Republic nation of rape

At an outdoor event a few years ago, a group of youngsters was promoting awareness of the rising number of sex crimes in India. They were strongly urging those nearby to just say “NO” to rape. The first thing I wondered was whether anyone had walked up to them and nervously insisted on saying “YES” instead.

The slogan makes no sense to me. The average Indian must be aware that rape is a heinous act. But sometimes, knowledge isn’t even three-quarters the battle won. People know for a fact that junk food is bad for health. That doesn’t stop them from clogging their arteries.

The problem is that many Indians don’t understand what rape is. And it causes them to either subliminally encourage it or passively ignore it.

Rape, at least in India, is a reiteration of gender politics. It stems from the sexual/social frustrations of a patriarchal society. Along with it, archaic power trips that walk the line between misogyny and pseudo-science. In rural and urban communities, young men are conditioned to exercise control over a woman’s physicality. They see evidence of it, all around them.

From micro-managing how women explore their sexuality to ostracizing them during menstrual cycles. Dictating how many children they ought to give birth to. And ignoring just how poor the state of public governance is, as far as health and safety measures are concerned. Even in educated, socially liberal and supportive Indian families, sinister undertones of gender inequality creep in. Whether restricting education, asking for dowries, engaging in marital rape or following the dynamics of breadwinner vs homemaker.

In 2013, a friend had given me the opportunity to co-create a documentary pitch on India’s rape culture. We wanted to focus on the post-verdict scenario of the Soni Sori case, with references to the military-assisted rapes in Kashmir and the Vachathi gang rape incident. We had tried to research as much as we could, on the subject matter. While I had known, prior to that, there existed a deep-rooted national disrespect towards women, I was startled at how structured the culture of rape has been.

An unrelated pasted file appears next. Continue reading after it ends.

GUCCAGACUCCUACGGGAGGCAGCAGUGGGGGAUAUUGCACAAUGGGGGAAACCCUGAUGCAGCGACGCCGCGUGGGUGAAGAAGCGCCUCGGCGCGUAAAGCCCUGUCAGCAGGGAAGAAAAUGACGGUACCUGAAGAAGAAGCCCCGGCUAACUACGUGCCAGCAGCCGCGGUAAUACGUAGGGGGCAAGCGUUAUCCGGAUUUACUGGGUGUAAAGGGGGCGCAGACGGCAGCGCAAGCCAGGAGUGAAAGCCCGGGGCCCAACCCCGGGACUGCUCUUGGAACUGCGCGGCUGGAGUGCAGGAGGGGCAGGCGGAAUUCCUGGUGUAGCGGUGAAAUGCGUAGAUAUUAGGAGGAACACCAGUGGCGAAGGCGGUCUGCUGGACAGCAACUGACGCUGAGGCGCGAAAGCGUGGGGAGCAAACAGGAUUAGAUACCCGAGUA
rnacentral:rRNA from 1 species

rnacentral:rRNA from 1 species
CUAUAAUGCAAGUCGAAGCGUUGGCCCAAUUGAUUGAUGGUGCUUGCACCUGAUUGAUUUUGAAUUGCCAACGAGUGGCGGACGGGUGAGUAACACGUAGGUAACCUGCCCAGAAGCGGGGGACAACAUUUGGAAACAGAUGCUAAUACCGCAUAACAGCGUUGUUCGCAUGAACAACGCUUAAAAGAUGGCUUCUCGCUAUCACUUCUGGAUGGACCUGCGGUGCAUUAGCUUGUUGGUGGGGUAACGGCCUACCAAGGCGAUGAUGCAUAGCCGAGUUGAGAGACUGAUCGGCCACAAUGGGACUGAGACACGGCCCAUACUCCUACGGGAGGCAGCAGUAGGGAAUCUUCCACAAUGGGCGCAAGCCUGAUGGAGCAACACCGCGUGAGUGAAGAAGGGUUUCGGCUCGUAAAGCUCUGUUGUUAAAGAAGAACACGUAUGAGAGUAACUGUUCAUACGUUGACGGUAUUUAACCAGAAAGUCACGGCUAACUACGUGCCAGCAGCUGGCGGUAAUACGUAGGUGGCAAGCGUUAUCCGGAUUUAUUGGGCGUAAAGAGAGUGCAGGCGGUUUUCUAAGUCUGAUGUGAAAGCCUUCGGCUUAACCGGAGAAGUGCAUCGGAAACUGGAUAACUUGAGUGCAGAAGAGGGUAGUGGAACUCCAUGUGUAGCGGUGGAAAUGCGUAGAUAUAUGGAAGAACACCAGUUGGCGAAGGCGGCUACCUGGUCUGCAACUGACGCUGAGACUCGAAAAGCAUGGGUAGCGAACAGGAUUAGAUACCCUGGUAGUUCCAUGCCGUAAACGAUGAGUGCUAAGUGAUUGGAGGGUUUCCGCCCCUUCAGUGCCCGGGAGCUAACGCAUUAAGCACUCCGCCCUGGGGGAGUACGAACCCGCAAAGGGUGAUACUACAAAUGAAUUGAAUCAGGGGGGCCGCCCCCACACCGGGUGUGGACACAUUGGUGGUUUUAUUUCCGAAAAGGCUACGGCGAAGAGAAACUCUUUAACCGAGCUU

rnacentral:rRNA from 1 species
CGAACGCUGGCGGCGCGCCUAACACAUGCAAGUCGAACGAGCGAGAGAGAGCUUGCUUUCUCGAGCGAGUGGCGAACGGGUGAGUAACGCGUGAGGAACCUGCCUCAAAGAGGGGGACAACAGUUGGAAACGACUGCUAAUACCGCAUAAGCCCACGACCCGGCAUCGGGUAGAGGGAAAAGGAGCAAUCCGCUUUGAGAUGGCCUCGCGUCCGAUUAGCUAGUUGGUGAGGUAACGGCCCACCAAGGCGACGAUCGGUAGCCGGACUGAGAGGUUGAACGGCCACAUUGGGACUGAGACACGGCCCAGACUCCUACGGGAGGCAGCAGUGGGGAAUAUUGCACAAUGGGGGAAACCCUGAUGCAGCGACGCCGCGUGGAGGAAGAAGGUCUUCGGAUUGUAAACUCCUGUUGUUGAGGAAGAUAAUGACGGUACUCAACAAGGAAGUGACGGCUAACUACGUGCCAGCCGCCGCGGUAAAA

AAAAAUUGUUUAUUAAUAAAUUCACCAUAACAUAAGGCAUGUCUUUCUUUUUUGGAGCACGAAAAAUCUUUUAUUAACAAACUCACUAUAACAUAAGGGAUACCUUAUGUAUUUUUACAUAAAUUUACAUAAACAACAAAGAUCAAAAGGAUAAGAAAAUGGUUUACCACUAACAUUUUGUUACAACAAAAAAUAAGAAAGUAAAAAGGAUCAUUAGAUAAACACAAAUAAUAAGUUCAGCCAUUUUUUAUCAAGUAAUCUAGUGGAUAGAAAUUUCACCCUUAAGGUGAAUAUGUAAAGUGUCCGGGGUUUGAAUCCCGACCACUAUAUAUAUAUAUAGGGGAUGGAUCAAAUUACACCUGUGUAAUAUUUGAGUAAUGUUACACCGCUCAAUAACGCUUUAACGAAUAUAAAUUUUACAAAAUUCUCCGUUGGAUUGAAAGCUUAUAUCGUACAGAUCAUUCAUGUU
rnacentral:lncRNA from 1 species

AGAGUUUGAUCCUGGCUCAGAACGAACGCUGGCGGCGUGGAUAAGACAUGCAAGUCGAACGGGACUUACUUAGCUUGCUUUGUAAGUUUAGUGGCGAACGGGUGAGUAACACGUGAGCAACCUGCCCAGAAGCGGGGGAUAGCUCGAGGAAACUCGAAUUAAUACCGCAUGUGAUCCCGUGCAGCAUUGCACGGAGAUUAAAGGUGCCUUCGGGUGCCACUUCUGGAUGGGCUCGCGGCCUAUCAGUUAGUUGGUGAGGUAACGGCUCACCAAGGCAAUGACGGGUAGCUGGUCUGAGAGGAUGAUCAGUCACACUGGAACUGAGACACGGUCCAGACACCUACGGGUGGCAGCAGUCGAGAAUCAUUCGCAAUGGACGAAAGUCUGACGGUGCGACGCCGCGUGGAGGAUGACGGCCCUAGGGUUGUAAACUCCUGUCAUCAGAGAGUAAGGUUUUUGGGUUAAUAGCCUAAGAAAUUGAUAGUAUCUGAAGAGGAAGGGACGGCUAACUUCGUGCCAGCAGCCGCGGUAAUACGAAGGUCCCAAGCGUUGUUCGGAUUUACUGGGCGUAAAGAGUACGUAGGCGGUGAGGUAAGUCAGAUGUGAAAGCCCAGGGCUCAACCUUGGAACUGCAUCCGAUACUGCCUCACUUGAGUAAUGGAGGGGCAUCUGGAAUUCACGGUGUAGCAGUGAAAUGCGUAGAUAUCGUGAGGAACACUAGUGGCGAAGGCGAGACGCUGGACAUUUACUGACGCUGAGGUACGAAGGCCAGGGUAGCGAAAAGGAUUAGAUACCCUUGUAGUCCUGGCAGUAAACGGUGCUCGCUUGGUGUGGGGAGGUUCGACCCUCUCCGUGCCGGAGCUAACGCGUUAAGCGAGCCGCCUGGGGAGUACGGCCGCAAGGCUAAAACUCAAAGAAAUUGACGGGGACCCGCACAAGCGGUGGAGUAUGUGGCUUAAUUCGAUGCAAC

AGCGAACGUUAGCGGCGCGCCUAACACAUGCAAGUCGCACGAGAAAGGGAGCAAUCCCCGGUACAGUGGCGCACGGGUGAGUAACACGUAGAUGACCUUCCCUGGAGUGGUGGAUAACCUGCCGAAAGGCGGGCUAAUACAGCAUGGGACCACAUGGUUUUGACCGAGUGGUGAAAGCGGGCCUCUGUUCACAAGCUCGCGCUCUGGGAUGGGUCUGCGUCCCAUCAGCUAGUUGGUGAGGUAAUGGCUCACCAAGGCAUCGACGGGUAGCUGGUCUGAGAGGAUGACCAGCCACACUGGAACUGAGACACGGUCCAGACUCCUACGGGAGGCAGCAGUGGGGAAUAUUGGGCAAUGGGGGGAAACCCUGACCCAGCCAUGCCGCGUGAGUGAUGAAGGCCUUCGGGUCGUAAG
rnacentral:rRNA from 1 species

These are some of the prominent types of rape in India.

  • Marital rape that goes unnoticed in urban and rural India and still remains a non-criminal offense according to the Indian Penal Code
  • Systematic rape as a form of social dominance against “unwanted” ethnic communities and other minorities
  • Gang rape perpetrated out of sexual frustration and social anxiety of Indian males
  • State/military rape carried out by state officials and army officials in conflict-stricken areas
  • Corrective rape committed in communities to enforce gender stereotypes (Also, well-documented in South Africa)

Unfortunately, the average Indian refuses to discuss rape as an issue unless a TV news channel broadcasts an over-produced montage of some high profile incident. Even then, it would turn from being a watercooler conversation to a repugnant meme that someone gregariously forwards to a WhatsApp group.

The only way to fight it is to formalize the need for awareness. Once again, the hope for humanity rests inside the tiny, unkempt heads of the children. We need to educate them that rape culture has been intricately woven into the fabric of our country’s history. Especially, before post-pubescence takes over and they are already on their way towards becoming monsters themselves. Not just rapists, stalkers, psychopaths, and misogynists, but the sort of Indian who chooses to ignore just how unsafe this country is for women.

Saying “no” to rape is not going to change anything. Instead, we must dig deeper to remove the cancerous growth of patriarchal-fueled sexual violence. Because unless there is a significant unlearning curve, the rate of gender-based crimes will continue to be on the rise.

Stripped and torn,
a damsel unlearns.
Her thighs leak crimson
and her eyes – salt and dirt,
lorded over by wolves,
with tunnel vision, taking turns.
They whistle for the rats
to come and get their fingers greasy too,
they advertise – “bring your friends,
the neighbors and the military coup”;
the great Indian rape tradition
proudly continues.

(Images: Pixabay)

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50 comments

  1. Some victims feel men have become even more temerarious with the recent reportage of rape. That none of the recent convictions have served as a deterrent. How can they when rape-perpetrating juveniles are let off and offered a college degree in return for their crime? The police are only thoroughly bungling the incident in Bangalore offering even more encouragement to next time offenders that they can do as they will without fear.